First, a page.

Transfer of department to an outsourcing company

Is a job offer from the new employer considered continuous employment?

Stuart Rudner
Question: If a company transfers assets of a department to another company in an outsourcing transaction and job offers are made to employees by the new employer, is it considered continuous employment? If the employees accept jobs with the new employer, are they owed severance payments from the original employer?

Answer: Questions frequently arise with respect to how to handle a change of ownership in situations where the terms and conditions of employment otherwise continue unchanged. Details including the type of sale — share versus asset — often play a critical role in the analysis.

If the job offer is accepted by the employees and is to continue with essentially the same terms as before, then this would be considered continuous employment. Because the employment is continuous, there is no termination and therefore no notice of termination or severance pay is required.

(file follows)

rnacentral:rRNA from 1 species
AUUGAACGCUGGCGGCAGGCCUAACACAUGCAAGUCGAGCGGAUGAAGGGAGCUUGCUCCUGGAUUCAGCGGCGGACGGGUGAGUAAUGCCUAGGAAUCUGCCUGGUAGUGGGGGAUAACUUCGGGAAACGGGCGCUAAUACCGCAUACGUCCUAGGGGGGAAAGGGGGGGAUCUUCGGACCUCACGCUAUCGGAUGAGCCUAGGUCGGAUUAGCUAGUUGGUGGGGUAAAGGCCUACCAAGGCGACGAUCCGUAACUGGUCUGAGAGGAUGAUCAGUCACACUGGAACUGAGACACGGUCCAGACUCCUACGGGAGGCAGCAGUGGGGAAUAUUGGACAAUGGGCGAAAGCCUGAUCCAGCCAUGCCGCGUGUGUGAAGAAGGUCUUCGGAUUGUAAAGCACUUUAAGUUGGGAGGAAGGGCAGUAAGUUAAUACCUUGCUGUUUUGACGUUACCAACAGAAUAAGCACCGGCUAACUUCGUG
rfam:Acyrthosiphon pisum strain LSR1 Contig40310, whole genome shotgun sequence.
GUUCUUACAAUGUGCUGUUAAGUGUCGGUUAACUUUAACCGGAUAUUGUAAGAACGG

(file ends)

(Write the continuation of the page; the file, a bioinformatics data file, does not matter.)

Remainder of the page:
In Ontario, the Employment Standards Act says where an employer sells a business or a part of business and the purchaser employs an employee of the seller, employment shall be deemed not to have been terminated. “Sells” is defined as including leases, transfers or any other dispositions. The act requires the purchaser to hire an employee within 13 weeks of her last day with the previous employer in order for it to apply. Most other jurisdictions in Canada have similar provisions.

In Abbott v. Bombardier Inc., the IT department of a company was sold to a new owner. Bombardier, the original employer, provided all employees with eight weeks’ notice their employment with Bombardier would terminate. The new owner made job offers to the employees, which they all accepted. The employees then brought an action for severance pay against Bombardier. The Ontario Court of Appeal ruled the act precluded the employees from making such claims.

It is always wise for the existing and future employer to specify, in writing, who will be responsible for any payments that may be required as a result of the change of employer.

For more information see:

Abbott v. Bombardier Inc., 2007 CarswellOnt 1815 (Ont. C.A.).

Stuart Rudner is a partner who practices commercial litigation and employment law with Miller Thomson LLP’s Toronto office. He can be reached at (416) 595-8672 or [email protected].

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